Sunday, July 13, 2014

Charlie Haden

Haden @ Jazz Middelheim August 2009
photo by Guy Van de Poel
The web is alive with tributes to Charlie Haden and I felt it was necessary to add my two cents. I spent some time on Friday afternoon listening to some selections from the post-Ornette quartet "Old and New Dreams" and Etudes (trio with Geri Allen & Paul Motian), Memoirs (trio Paul Bley & Paul Motian). He has plenty of room to shine on Soapsuds, Soapsuds, a duo with Ornette Coleman.

Improvisers (on any instrument) can learn so much from his melodicism and economy. The later being a rare quality (we all tend to over-play) and is something I am becoming increasing interested in. The man could say a lot with a little and his music came from a deep place. One of my favourites.

I first heard Haden during my mid-late teens on Ornette Coleman’s The Shape Of Jazz To Come. At the time my ears were drawn to Ornette's playing and it wasn't until years later that I started coming to grips with the importance of Haden in this music. It’s an album that I’ll write about separately at a later date.

He was brought to my attention again a couple of years later on Lee KonitzAlone Together (Blue Note). This album got some serious airplay in 1999-2001. I was transcribing Lee’s solo on “What Is This Thing Called Love?” and my saxophone teacher challenged me, saying something along the lines of, “Why? What are you going to learn from that?” – I didn’t know what to say! Haden’s backing of Konitz (and Brad Mehldau) is superb – not a wasted note on the entire album. The same can be said for his solos to. I heard a Konitz/Haden duo set was recorded but I have never managed to track it down (I found a pic of the album cover somewhere online years ago). If anybody out there can direct me to it I’d be extremely grateful.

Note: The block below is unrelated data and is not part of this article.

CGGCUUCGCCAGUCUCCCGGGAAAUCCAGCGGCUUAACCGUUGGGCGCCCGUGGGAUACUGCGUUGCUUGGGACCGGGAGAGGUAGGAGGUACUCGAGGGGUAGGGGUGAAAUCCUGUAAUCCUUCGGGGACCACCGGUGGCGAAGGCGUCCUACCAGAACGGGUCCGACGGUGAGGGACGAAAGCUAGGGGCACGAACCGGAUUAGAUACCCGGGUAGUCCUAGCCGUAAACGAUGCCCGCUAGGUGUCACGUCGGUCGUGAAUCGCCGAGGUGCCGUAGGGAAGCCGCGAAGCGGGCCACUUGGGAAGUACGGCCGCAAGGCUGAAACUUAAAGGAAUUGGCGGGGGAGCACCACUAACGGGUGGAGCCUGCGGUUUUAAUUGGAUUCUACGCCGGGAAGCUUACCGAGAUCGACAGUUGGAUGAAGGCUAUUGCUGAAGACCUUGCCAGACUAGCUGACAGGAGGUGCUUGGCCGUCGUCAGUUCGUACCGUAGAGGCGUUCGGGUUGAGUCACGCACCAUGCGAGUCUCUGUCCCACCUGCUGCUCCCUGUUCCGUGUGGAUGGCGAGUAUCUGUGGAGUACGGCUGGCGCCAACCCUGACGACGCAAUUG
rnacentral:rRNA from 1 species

I only heard Haden in person once – a duo with Paul Bley at the Blue Note in NYC in 2009. I could only afford to sit at the bar, where they crammed us in like sardines. It was a pretty disappointing listening experience and put me off going to the Blue Note again (it was my first time there). I spent the evening squeezed in the corner unable to see the bandstand and having to put plenty of chatter around me. However, I had no complaints about the music.

Here are links to just a few of the many tributes: Nate Chinen at the New York Times, the Free Jazz Collective BlogNPR Remembering Charlie Haden.

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